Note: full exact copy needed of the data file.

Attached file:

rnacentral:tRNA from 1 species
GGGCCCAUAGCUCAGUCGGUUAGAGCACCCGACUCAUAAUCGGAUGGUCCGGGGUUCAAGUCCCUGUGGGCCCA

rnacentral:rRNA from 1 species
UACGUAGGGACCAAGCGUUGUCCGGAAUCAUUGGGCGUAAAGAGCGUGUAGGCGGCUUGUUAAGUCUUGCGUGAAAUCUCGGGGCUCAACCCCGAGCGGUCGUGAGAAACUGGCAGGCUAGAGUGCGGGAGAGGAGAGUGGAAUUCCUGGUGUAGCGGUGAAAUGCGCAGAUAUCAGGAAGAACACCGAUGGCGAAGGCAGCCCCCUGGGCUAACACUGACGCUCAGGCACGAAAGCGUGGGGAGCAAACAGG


rnacentral:tRNA from 1 species
GGGCCCAUAGCUCAGUCGGUUAGAGCACCCGACUCAUAAUCGGAUGGUCCGGGGUUCAAGUCCCUGUGGGCCCA

rnacentral:rRNA from 1 species
UACGUAGGGACCAAGCGUUGUCCGGAAUCAUUGGGCGUAAAGAGCGUGUAGGCGGCUUGUUAAGUCUUGCGUGAAAUCUCGGGGCUCAACCCCGAGCGGUCGUGAGAAACUGGCAGGCUAGAGUGCGGGAGAGGAGAGUGGAAUUCCUGGUGUAGCGGUGAAAUGCGCAGAUAUCAGGAAGAACACCGAUGGCGAAGGCAGCCCCCUGGGCUAACACUGACGCUCAGGCACGAAAGCGUGGGGAGCAAACAGG